The S.E.C.U.R.E. Act
Cool acronym. Who gets to come up with those? Probably some intern with too much time on their hands. It stands for Setting Every Community Up for Retirement Enhancement Act.
The intent is to incentivize people to save more for retirement but the Act also slips in some non-retirement tax law changes. For now, so that I don’t bore you too much, we’ll just talk about the retirement account changes.
Before the Act, you could only contribute to a traditional IRA up to age 70 ½. Now there is no age restriction on traditional IRA contributions as long as you’re working.
Did you know you can contribute to your traditional IRA for 2019 up until April 15th of 2020?
There is also a requirement with certain retirement accounts that we must take “Required Minimum Distributions” a.k.a. RMD’s - from those accounts starting at age 70 ½. Now the age to start taking RMD’s is age 72. Not a huge change but cheers to another year-and-a-half of your account growing!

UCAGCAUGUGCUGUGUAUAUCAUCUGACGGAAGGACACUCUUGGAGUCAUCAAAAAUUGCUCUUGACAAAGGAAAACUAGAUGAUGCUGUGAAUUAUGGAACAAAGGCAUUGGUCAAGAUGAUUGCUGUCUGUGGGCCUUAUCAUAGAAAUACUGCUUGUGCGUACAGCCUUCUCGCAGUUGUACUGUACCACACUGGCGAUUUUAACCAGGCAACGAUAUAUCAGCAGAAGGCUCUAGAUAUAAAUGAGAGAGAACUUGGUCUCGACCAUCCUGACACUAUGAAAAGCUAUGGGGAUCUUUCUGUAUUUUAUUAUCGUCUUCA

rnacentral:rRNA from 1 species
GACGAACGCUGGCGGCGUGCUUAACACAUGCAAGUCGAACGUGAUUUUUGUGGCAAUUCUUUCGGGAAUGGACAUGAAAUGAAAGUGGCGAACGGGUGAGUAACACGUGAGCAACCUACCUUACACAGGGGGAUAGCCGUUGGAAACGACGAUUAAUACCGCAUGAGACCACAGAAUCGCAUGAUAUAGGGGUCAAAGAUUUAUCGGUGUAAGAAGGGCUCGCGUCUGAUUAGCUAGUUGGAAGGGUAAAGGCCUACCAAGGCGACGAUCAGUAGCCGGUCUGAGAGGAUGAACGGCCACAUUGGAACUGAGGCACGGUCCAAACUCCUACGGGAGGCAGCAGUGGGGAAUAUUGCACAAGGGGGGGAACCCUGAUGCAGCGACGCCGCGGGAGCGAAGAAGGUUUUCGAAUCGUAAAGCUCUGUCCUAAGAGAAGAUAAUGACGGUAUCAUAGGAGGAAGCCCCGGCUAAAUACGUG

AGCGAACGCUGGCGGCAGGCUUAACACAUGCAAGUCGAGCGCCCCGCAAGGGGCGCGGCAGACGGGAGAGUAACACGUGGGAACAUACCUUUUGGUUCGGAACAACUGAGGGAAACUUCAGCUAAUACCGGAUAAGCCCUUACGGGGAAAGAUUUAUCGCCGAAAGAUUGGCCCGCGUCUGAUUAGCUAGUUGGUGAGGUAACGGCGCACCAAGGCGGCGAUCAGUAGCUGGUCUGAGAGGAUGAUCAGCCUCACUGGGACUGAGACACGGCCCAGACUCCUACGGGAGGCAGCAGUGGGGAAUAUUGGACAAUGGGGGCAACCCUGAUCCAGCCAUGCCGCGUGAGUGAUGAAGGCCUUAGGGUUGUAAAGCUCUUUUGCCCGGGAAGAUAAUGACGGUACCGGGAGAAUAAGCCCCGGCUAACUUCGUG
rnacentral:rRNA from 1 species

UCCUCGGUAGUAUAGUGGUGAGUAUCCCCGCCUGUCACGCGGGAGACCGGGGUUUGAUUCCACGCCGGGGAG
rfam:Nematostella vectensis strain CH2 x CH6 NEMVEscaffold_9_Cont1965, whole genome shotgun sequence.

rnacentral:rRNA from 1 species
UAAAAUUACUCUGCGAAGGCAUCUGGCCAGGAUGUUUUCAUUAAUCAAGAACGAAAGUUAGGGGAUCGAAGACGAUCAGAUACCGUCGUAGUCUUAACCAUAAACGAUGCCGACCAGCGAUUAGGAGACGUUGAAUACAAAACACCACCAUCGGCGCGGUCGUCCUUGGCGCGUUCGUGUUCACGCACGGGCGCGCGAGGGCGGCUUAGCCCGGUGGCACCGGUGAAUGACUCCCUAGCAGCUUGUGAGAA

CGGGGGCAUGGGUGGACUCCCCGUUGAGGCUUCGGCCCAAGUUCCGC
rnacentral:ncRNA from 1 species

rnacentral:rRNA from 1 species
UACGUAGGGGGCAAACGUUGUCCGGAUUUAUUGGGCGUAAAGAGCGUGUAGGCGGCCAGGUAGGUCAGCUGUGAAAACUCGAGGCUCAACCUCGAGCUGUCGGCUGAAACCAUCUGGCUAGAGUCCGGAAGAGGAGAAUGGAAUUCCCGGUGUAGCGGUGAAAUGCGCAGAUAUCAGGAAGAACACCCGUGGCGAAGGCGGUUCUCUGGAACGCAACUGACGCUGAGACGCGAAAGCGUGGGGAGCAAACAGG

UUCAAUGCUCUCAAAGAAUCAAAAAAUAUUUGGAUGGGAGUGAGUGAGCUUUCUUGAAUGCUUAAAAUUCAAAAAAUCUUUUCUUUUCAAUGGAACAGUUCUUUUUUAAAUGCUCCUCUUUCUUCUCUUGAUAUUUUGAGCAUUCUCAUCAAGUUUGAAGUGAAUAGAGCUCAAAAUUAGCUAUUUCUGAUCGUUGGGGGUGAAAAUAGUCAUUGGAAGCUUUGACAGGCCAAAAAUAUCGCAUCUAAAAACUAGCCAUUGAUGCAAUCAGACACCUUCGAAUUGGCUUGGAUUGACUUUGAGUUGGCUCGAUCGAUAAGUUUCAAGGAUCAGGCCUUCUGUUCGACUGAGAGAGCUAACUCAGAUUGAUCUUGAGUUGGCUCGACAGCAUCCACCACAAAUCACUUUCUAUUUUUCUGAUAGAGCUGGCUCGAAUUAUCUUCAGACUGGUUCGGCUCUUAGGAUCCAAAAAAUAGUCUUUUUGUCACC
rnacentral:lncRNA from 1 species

The bad news comes to those of you lucky enough to inherit a retirement account. Before the Act, if you inherited a retirement account, you could stretch out the distributions over your IRS-defined life expectancy. But now, most beneficiaries must drain inherited accounts within 10 years after the account owner’s death. I say most because there are exceptions so let’s chat if this affects you.
For example: If your grandfather (I hope this does not happen) dies in 2020 or later, you can only keep the big Roth IRA that you inherited from him open for 10 years after his departure.
The congressional research service estimates this will generate about $15.7 billions dollars in tax revenue over the next 10 years. Yikes!
Of course there are exceptions to all of these rules, so let’s chat about your specific set of facts.